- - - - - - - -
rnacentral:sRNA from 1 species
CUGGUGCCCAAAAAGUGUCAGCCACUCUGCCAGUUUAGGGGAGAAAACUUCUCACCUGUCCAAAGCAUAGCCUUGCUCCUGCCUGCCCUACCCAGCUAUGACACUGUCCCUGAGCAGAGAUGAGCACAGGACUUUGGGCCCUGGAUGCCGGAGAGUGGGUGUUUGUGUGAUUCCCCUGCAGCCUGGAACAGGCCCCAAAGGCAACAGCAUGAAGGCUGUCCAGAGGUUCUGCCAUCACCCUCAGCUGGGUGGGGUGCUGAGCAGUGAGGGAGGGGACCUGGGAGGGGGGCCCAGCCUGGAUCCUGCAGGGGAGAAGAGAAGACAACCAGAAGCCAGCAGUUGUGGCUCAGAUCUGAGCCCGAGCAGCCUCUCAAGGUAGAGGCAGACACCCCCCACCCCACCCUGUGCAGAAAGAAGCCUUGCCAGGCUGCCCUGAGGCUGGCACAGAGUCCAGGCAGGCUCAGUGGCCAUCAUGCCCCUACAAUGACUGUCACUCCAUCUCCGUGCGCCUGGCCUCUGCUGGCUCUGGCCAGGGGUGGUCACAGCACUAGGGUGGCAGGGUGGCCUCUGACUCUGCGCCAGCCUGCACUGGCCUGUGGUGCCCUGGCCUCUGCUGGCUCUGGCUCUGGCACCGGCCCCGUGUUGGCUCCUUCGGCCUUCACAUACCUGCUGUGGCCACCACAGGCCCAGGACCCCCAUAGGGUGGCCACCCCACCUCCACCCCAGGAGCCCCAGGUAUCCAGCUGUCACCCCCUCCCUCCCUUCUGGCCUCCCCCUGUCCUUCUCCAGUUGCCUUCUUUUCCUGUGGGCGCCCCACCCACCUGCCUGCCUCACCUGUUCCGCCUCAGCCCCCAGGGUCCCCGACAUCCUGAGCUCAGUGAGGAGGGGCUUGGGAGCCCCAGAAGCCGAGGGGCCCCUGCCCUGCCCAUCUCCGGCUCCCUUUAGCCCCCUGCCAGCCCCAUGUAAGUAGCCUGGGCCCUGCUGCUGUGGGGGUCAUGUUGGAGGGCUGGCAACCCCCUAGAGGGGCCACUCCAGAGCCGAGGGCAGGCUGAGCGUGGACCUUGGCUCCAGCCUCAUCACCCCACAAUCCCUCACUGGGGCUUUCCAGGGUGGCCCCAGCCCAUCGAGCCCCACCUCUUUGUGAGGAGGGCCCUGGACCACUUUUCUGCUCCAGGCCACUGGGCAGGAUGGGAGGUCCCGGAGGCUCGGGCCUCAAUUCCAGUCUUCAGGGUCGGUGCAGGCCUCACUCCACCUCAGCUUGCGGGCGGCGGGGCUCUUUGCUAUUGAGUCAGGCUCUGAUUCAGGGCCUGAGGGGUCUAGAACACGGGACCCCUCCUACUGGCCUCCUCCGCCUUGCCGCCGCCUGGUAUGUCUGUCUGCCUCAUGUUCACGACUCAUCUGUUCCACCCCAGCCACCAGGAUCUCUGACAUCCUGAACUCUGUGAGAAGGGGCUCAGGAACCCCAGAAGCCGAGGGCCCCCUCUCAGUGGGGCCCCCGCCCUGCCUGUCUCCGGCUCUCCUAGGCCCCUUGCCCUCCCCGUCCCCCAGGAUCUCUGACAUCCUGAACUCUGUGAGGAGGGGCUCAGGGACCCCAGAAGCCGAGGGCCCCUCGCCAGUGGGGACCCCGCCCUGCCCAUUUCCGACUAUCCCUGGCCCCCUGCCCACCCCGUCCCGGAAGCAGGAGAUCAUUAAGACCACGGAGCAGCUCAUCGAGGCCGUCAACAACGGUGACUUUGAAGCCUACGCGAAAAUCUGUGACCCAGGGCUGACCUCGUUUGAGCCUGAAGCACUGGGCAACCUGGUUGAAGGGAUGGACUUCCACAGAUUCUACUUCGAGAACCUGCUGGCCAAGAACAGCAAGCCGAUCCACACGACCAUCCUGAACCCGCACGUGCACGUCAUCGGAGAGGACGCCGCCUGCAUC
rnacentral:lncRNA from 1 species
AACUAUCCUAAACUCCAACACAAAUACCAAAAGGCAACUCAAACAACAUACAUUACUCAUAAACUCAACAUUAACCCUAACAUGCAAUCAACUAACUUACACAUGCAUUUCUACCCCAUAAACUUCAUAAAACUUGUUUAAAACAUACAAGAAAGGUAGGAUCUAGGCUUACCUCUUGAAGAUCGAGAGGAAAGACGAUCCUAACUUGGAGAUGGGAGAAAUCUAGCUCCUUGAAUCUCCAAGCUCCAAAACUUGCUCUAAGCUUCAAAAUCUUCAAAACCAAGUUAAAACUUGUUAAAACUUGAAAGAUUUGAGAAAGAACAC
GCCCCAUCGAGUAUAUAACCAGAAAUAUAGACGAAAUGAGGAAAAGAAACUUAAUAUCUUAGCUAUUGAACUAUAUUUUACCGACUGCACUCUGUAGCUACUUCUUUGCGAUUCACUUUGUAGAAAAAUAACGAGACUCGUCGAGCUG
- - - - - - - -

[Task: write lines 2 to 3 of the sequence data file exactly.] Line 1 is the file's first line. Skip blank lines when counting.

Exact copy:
CUGGUGCCCAAAAAGUGUCAGCCACUCUGCCAGUUUAGGGGAGAAAACUUCUCACCUGUCCAAAGCAUAGCCUUGCUCCUGCCUGCCCUACCCAGCUAUGACACUGUCCCUGAGCAGAGAUGAGCACAGGACUUUGGGCCCUGGAUGCCGGAGAGUGGGUGUUUGUGUGAUUCCCCUGCAGCCUGGAACAGGCCCCAAAGGCAACAGCAUGAAGGCUGUCCAGAGGUUCUGCCAUCACCCUCAGCUGGGUGGGGUGCUGAGCAGUGAGGGAGGGGACCUGGGAGGGGGGCCCAGCCUGGAUCCUGCAGGGGAGAAGAGAAGACAACCAGAAGCCAGCAGUUGUGGCUCAGAUCUGAGCCCGAGCAGCCUCUCAAGGUAGAGGCAGACACCCCCCACCCCACCCUGUGCAGAAAGAAGCCUUGCCAGGCUGCCCUGAGGCUGGCACAGAGUCCAGGCAGGCUCAGUGGCCAUCAUGCCCCUACAAUGACUGUCACUCCAUCUCCGUGCGCCUGGCCUCUGCUGGCUCUGGCCAGGGGUGGUCACAGCACUAGGGUGGCAGGGUGGCCUCUGACUCUGCGCCAGCCUGCACUGGCCUGUGGUGCCCUGGCCUCUGCUGGCUCUGGCUCUGGCACCGGCCCCGUGUUGGCUCCUUCGGCCUUCACAUACCUGCUGUGGCCACCACAGGCCCAGGACCCCCAUAGGGUGGCCACCCCACCUCCACCCCAGGAGCCCCAGGUAUCCAGCUGUCACCCCCUCCCUCCCUUCUGGCCUCCCCCUGUCCUUCUCCAGUUGCCUUCUUUUCCUGUGGGCGCCCCACCCACCUGCCUGCCUCACCUGUUCCGCCUCAGCCCCCAGGGUCCCCGACAUCCUGAGCUCAGUGAGGAGGGGCUUGGGAGCCCCAGAAGCCGAGGGGCCCCUGCCCUGCCCAUCUCCGGCUCCCUUUAGCCCCCUGCCAGCCCCAUGUAAGUAGCCUGGGCCCUGCUGCUGUGGGGGUCAUGUUGGAGGGCUGGCAACCCCCUAGAGGGGCCACUCCAGAGCCGAGGGCAGGCUGAGCGUGGACCUUGGCUCCAGCCUCAUCACCCCACAAUCCCUCACUGGGGCUUUCCAGGGUGGCCCCAGCCCAUCGAGCCCCACCUCUUUGUGAGGAGGGCCCUGGACCACUUUUCUGCUCCAGGCCACUGGGCAGGAUGGGAGGUCCCGGAGGCUCGGGCCUCAAUUCCAGUCUUCAGGGUCGGUGCAGGCCUCACUCCACCUCAGCUUGCGGGCGGCGGGGCUCUUUGCUAUUGAGUCAGGCUCUGAUUCAGGGCCUGAGGGGUCUAGAACACGGGACCCCUCCUACUGGCCUCCUCCGCCUUGCCGCCGCCUGGUAUGUCUGUCUGCCUCAUGUUCACGACUCAUCUGUUCCACCCCAGCCACCAGGAUCUCUGACAUCCUGAACUCUGUGAGAAGGGGCUCAGGAACCCCAGAAGCCGAGGGCCCCCUCUCAGUGGGGCCCCCGCCCUGCCUGUCUCCGGCUCUCCUAGGCCCCUUGCCCUCCCCGUCCCCCAGGAUCUCUGACAUCCUGAACUCUGUGAGGAGGGGCUCAGGGACCCCAGAAGCCGAGGGCCCCUCGCCAGUGGGGACCCCGCCCUGCCCAUUUCCGACUAUCCCUGGCCCCCUGCCCACCCCGUCCCGGAAGCAGGAGAUCAUUAAGACCACGGAGCAGCUCAUCGAGGCCGUCAACAACGGUGACUUUGAAGCCUACGCGAAAAUCUGUGACCCAGGGCUGACCUCGUUUGAGCCUGAAGCACUGGGCAACCUGGUUGAAGGGAUGGACUUCCACAGAUUCUACUUCGAGAACCUGCUGGCCAAGAACAGCAAGCCGAUCCACACGACCAUCCUGAACCCGCACGUGCACGUCAUCGGAGAGGACGCCGCCUGCAUC
rnacentral:lncRNA from 1 species